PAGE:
3 bodies were removed from the scene after the accident. Two operators died instantly, and the third died from wounds received during the accident. Volunteers who responded to retrieve bodies were exposed to 500 Roentgens per hour radiation while removing two of the bodies.
The third body was right above the reactor, and special equipment had to be used, plus a large team of volunteers, due to the HIGH radiation levels involved.
22 volunteers worked in relays to remove the third body.. It was removed to a shielded facility for decontamination, where efforts were complicated by gamma radiating particles embedded in the body. After decontamination, the body was placed in a lead lined casket. The Geiger Counter readings were reduced to 300 mR per hour, which allowed it to be transported for final burial.
First responders were notified of a problem by an automatic heat detector calling the fire department. They were not told there was radiation involved or where the fire was. They came out once, and reset a detector, then they left.
The detector went off again, and the fire department came out again. They reset the alarm again, and left. An alarm went off a third time, and the fire department went out again, and no guard is on duty at this time.
They looked around for a fire and could not find one, and no one answered from the control room. No one knew there was a radiation problem. They went into the control room, where a big red light was flashing, indicating high radiation, but they were not trained in how to interpret this. The assistant fire chief said they should leave and get a Geiger Counter. They went out and got a radiation detector. They did not have any masks or breathing equipment on.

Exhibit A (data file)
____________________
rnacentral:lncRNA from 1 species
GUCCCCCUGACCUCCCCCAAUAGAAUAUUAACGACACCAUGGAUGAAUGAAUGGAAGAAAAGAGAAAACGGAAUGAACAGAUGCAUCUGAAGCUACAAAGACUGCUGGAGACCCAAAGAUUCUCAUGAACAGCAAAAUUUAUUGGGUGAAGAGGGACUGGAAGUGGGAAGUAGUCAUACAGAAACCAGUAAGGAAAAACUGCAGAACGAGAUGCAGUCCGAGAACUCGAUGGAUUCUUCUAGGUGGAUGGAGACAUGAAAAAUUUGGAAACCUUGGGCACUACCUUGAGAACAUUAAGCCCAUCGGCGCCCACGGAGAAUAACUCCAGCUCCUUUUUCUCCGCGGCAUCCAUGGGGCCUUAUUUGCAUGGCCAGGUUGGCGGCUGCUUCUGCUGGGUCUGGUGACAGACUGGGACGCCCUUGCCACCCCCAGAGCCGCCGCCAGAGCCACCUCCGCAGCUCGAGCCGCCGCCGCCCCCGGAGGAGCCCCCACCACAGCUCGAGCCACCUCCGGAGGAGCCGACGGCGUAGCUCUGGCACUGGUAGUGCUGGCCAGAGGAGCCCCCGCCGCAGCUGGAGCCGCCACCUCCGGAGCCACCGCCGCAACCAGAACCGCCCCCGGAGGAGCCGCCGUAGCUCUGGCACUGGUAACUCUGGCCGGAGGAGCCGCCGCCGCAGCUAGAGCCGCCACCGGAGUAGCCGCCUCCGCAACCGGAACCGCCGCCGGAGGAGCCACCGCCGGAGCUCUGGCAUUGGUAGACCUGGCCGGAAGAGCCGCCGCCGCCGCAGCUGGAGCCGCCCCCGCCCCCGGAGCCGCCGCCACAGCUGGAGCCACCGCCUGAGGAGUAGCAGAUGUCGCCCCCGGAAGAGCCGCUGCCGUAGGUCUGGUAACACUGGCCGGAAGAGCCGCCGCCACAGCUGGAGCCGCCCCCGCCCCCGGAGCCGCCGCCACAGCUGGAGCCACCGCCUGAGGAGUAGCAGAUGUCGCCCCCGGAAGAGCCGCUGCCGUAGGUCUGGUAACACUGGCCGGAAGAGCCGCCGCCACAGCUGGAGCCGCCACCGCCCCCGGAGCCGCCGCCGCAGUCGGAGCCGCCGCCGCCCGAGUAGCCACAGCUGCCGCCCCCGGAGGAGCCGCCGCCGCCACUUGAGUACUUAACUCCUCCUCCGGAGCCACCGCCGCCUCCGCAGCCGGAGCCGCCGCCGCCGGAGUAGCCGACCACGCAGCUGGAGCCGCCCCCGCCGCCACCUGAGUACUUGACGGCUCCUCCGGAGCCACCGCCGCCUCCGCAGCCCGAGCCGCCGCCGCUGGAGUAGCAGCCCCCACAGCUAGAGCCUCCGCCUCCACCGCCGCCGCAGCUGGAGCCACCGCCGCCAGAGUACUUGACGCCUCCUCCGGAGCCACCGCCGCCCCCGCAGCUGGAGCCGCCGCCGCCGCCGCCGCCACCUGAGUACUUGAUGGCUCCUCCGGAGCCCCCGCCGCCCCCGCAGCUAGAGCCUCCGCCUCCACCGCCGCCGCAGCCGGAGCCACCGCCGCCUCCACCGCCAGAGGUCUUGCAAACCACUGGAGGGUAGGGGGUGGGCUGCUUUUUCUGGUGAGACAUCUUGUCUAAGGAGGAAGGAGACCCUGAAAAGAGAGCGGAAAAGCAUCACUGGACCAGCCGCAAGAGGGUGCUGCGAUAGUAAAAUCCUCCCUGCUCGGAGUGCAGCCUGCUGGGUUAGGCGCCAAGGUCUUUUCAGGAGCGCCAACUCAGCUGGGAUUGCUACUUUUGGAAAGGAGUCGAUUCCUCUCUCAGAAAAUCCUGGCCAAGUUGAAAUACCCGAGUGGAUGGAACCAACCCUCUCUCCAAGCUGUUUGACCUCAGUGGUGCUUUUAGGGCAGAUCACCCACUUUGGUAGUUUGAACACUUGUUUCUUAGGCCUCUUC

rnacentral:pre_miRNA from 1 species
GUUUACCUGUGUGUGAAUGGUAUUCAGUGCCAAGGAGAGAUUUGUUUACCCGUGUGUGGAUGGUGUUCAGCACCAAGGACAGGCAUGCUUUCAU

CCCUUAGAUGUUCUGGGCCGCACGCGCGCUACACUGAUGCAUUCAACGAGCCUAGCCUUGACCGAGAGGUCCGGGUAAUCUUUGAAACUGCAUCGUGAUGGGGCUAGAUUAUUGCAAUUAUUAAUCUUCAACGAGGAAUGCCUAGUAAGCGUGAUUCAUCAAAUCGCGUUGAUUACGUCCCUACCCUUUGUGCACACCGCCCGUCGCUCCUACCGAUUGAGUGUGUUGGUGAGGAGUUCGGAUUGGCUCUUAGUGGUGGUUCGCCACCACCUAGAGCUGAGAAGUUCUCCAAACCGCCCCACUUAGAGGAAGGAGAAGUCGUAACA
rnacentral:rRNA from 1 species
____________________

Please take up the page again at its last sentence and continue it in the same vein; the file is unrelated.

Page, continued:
The security team on site then alerted the nuclear regulatory body (Atomic Energy Commission), and started a disaster response. The fire team entered the reactor building where the radiation meter pegged out at the maximum, which was 200 Roetgen per hour. They found the dead bodies inside and then exited the building.
In this section, he talks about how the third body was in an area with radiation levels of 6,000 Roentgens per hour. In this environment, a human being can only work about 15 seconds. This is similar to Fukushima reactor buildings, which are too ‘hot’ for humans to work in. Even robots are fried that try to enter these areas.
The firemen were all contaminated with radiation after this event. They pulled up in a parking lot, stopped the fire engine and in 17 degrees below 0 weather, they shed all of their clothes, down to nothing. Then they were decontaminated, which consists of scrubbing to the point of bleeding, in order to get radiation levels down to safe levels.
The fire engine was contaminated as well. The hoses were cleaned with a standard shop vac inside the fire station, which then contaminated the whole fire station and everyone inside of it. Japan is doing the same thing by burning Fukushima related radioactive waste products, which then recontaminates the whole country.